|1st edition||2nd & 3rd edition|
|Early stage of research||.5 or .6||.7|
|When making important decisions||.95 (minimum .9)||.95 (minimum .9)|
His recommendation level did not imply a cutoff point. If a criterion means a cutoff point, it is important whether or not it is met, but it is unimportant how much it is over or under. He did not mean that it should be strictly .8 when referring to the criteria of .8. If the reliability has a value near .8 (e.g., 78), it can be considered that his recommendation has been met.
His idea was that there is a cost to increasing reliability, so there is no need to try to obtain maximum reliability in every situation.
Cost to obtain a high level of reliability
Many textbooks explain that the higher the value of reliability, the better. The potential side effects of high reliability are rarely discussed. However, the principle of sacrificing something to get one also applies to reliability.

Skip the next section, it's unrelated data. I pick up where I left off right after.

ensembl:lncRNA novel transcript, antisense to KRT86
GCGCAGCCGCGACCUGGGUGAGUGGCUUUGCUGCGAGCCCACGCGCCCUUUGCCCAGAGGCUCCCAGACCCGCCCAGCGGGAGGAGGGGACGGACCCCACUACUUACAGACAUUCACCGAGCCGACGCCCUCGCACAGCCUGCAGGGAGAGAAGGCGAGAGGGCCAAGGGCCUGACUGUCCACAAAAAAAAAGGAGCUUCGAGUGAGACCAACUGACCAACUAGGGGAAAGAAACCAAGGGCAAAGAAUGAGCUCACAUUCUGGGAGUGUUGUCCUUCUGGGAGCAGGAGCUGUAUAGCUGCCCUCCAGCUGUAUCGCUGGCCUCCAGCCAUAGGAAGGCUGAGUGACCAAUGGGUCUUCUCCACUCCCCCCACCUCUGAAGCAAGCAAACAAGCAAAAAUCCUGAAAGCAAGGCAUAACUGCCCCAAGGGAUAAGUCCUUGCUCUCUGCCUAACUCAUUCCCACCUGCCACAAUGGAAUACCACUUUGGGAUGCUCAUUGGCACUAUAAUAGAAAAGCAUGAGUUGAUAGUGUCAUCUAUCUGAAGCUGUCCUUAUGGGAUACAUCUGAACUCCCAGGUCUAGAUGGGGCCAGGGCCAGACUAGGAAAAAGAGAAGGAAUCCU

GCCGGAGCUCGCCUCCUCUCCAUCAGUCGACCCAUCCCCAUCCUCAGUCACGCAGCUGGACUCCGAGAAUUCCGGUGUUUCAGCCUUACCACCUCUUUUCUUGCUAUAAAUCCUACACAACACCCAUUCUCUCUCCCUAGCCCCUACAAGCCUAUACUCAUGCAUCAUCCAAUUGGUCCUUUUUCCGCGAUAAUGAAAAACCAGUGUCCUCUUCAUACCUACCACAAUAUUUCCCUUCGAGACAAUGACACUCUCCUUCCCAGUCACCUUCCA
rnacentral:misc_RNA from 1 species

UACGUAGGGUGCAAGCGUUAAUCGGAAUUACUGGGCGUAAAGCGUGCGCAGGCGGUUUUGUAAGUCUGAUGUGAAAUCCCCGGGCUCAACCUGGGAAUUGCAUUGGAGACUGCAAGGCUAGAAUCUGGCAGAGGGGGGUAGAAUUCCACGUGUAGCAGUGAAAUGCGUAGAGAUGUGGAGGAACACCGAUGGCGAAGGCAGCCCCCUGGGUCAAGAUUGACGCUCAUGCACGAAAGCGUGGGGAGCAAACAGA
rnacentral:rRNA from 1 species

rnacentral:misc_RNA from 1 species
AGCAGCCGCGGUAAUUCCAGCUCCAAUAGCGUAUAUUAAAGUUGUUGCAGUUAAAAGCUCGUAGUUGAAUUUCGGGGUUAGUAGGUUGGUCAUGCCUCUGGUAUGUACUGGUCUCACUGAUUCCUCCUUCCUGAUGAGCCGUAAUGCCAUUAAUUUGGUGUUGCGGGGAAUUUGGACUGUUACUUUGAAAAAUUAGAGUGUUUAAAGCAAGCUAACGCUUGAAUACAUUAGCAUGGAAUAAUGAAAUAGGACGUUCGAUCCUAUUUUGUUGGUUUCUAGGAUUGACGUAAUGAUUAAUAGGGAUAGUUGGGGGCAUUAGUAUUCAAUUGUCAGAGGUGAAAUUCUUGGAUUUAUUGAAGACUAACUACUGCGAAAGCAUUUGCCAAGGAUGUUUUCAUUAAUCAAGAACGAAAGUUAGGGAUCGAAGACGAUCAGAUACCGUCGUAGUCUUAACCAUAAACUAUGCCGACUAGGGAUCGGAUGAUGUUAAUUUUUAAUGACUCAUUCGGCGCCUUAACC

Trade-off between reliability and validity
Measurements with perfect reliability lack validity. For example, a person who take the test with the reliability of one will get a perfect score or a zero score, because the examinee who give the correct answer or incorrect answer on one item will give the correct answer or incorrect answer on all other items. The phenomenon in which validity is sacrificed to increase reliability is called attenuation paradox.
A high value of reliability can be in conflict with content validity. For high content validity, each item should be constructed to be able to comprehensively represent the content to be measured. However, a strategy of repeatedly measuring essentially the same question in different ways is often used only for the purpose of increasing reliability.
Trade-off between reliability and efficiency